North-Central Section - 49th Annual Meeting (19-20 May 2015)

Paper No. 1
Presentation Time: 1:35 PM


LASHER, G. Everett1, AXFORD, Yarrow1, MCFARLIN, Jamie1, BLAIR, Neal E.2, KELLY, Meredith A.3, OSTERBERG, Erich C.4, KOTECKI, Peter5 and FARNSWORTH, Lauren4, (1)Department of Earth and Planetary Sciences, Northwestern University, Technological Institute, 2145 Sheridan Road, Evanston, IL 60208, (2)Dept. of Civil and Environmental Engineering and Dept. of Earth and Planetary Sciences, Northwestern University, 2145 Sheridan Rd. Rm A228, Evanston, IL 60208, (3)Department of Earth Sciences, Dartmouth College, HB 6105 Fairchild Hall, Hanover, NH 03755, (4)Earth Sciences, Dartmouth College, HB 6105 Fairchild Hall, Hanover, NH 03755, (5)Integrated Science Program, Northwestern University, 616 Noyes Street, Evanston, IL 60208,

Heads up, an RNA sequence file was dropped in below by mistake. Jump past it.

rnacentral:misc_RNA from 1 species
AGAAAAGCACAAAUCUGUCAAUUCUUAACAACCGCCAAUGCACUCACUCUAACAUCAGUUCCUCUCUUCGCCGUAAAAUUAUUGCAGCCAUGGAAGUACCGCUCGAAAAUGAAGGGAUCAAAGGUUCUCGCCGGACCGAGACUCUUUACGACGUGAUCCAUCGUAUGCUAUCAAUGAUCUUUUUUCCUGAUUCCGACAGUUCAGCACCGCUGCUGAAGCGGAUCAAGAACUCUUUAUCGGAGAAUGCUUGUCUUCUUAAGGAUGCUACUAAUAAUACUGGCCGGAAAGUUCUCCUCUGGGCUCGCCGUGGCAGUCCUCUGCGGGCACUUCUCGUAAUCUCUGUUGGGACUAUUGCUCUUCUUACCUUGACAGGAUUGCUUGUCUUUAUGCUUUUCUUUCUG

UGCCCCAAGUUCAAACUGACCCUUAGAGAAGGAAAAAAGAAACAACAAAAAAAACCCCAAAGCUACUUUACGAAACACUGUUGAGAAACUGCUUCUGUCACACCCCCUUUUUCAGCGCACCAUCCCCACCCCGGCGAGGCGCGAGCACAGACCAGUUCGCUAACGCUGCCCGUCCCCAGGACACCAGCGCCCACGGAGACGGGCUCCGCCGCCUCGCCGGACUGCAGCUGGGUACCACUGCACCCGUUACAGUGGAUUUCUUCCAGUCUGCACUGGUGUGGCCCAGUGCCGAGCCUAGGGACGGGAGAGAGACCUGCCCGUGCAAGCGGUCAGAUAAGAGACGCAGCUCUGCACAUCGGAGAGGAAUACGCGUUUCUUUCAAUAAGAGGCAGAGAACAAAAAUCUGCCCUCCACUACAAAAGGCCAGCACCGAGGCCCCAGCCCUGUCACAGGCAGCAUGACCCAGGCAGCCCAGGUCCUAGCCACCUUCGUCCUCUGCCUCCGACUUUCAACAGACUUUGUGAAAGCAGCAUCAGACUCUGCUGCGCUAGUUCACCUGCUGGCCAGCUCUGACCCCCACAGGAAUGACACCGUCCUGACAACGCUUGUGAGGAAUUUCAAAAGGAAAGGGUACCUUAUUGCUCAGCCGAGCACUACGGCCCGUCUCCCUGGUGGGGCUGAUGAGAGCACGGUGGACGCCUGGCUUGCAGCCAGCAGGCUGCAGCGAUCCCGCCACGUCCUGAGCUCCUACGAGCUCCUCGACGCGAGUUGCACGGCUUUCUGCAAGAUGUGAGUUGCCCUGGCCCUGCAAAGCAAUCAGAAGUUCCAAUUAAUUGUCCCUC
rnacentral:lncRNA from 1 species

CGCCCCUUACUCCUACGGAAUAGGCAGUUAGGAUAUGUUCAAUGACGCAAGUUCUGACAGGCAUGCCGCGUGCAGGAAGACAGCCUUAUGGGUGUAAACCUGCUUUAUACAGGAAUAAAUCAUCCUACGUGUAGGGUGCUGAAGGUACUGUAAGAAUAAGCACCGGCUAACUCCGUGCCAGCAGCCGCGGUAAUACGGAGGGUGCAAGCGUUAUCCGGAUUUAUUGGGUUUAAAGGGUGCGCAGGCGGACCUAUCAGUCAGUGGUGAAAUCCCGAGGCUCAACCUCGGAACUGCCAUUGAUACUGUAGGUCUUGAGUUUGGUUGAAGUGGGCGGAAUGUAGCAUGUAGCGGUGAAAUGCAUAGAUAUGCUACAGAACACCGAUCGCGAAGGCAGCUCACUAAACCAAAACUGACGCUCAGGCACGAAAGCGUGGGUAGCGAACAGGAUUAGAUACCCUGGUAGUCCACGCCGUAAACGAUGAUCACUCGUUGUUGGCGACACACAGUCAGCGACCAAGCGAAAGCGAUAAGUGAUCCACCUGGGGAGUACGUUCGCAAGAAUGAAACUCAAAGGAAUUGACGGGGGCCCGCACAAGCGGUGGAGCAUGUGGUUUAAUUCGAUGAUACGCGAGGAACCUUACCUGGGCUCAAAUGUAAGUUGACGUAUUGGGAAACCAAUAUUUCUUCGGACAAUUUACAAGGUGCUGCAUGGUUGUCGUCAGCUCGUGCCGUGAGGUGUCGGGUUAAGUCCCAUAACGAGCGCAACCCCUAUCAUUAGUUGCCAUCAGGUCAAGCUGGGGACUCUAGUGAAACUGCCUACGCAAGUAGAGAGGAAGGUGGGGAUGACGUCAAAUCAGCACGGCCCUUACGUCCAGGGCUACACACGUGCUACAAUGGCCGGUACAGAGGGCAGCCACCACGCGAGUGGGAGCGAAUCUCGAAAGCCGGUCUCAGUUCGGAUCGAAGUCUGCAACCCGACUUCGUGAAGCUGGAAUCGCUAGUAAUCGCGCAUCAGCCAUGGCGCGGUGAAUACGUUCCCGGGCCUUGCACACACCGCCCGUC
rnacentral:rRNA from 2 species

The timing and magnitude of temperature fluctuations has varied greatly across the Northern Hemisphere high latitudes through the Holocene, including Greenland where the response of the ice sheet to future warming is the focus of great scientific interest. Two Holocene lake sediment records were recovered during 2012 and 2014 from the Thule region of NW Greenland to provide new constraints on temperature histories at the margin of the ice sheet. In concert with ongoing glacial geologic investigations in the region these lake core records aim to clarify how the Greenland Ice Sheet (GrIS) responded to warming and cooling during the Holocene. Here we utilize aquatic organisms preserved in the sediment record, whose δ18O compositions record that of growth water, and in appropriate hydrologic settings, the δ18O of precipitation. Secret Lake, located ~5 km NW of Thule Air Base, is a small lake presumed to be predominantly precipitation-fed based upon its landscape position and similarity between lake water and meteoric δ18O. A 1.5 meter core recovered from the deepest part of the lake (3.4 m) appears to contain a continuous sedimentary record from at least 7725 ± 65 cal yr BP to present. Wax Lips Lake (informal name) is located 53 km NE of Secret Lake and 1.5 km from the present-day GrIS margin. Similar to Secret Lake, the primary input to the lake appears to be precipitation. No surface outlets were active when the lake was visited in August of 2014 and lake water δ18O is slightly enriched (1-2 ‰) relative to the local meteoric water line, suggesting possible evaporative influences near the end of the summer season. The basal age of Wax Lips Lake sediments is 10440 ± 140 cal yr BP. We subsampled and analyzed δ18O of organic material from both cores, including the chitinous remains of chironomid larvae, cladocera ephippia, adult insect parts, and aquatic macrophytes. δ18O of modern water and subfossil material from a suite of mid to high latitude lakes are used to calibrate modern temperature-δ18O relationships in order to interpret downcore δ18O measurements. We present preliminary Holocene temperatures reconstructed from the δ18O of preserved subfossils at these two lakes.